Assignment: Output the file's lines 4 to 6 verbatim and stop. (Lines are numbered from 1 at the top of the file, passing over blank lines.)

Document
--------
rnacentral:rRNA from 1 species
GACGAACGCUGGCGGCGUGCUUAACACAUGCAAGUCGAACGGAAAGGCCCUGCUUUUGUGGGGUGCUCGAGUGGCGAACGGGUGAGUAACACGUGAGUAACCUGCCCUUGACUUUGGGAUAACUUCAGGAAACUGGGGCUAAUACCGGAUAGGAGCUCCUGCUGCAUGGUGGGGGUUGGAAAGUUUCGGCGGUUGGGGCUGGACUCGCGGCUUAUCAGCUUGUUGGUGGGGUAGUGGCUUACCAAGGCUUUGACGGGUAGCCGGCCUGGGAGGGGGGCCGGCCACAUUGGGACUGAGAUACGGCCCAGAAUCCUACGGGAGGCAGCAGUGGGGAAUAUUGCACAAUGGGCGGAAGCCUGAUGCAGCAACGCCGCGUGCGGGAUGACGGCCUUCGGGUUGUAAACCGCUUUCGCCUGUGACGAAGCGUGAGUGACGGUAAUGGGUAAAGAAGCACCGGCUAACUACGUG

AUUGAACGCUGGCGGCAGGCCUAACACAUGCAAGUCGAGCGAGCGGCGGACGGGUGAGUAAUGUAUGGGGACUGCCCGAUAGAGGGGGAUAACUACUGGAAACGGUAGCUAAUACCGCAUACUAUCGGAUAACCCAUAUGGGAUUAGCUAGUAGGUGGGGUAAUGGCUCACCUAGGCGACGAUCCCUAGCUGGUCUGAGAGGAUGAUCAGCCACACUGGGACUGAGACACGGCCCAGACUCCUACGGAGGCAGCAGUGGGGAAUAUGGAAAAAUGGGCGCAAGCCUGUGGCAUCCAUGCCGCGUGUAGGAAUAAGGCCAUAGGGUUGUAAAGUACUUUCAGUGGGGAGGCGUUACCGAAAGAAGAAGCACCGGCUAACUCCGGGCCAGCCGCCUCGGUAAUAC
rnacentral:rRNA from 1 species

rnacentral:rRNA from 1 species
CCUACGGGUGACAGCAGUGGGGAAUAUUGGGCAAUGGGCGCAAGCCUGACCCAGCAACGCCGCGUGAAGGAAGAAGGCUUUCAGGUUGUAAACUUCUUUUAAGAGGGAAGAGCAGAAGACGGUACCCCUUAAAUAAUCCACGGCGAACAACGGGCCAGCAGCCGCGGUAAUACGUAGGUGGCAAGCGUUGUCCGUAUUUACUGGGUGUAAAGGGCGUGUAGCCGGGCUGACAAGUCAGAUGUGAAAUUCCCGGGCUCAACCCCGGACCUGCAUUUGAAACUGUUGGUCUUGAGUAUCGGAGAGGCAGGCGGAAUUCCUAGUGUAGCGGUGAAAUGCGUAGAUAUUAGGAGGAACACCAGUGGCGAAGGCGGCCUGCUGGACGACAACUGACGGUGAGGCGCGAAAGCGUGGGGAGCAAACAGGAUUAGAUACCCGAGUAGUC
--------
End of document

rnacentral:rRNA from 1 species

rnacentral:rRNA from 1 species
CCUACGGGUGACAGCAGUGGGGAAUAUUGGGCAAUGGGCGCAAGCCUGACCCAGCAACGCCGCGUGAAGGAAGAAGGCUUUCAGGUUGUAAACUUCUUUUAAGAGGGAAGAGCAGAAGACGGUACCCCUUAAAUAAUCCACGGCGAACAACGGGCCAGCAGCCGCGGUAAUACGUAGGUGGCAAGCGUUGUCCGUAUUUACUGGGUGUAAAGGGCGUGUAGCCGGGCUGACAAGUCAGAUGUGAAAUUCCCGGGCUCAACCCCGGACCUGCAUUUGAAACUGUUGGUCUUGAGUAUCGGAGAGGCAGGCGGAAUUCCUAGUGUAGCGGUGAAAUGCGUAGAUAUUAGGAGGAACACCAGUGGCGAAGGCGGCCUGCUGGACGACAACUGACGGUGAGGCGCGAAAGCGUGGGGAGCAAACAGGAUUAGAUACCCGAGUAGUC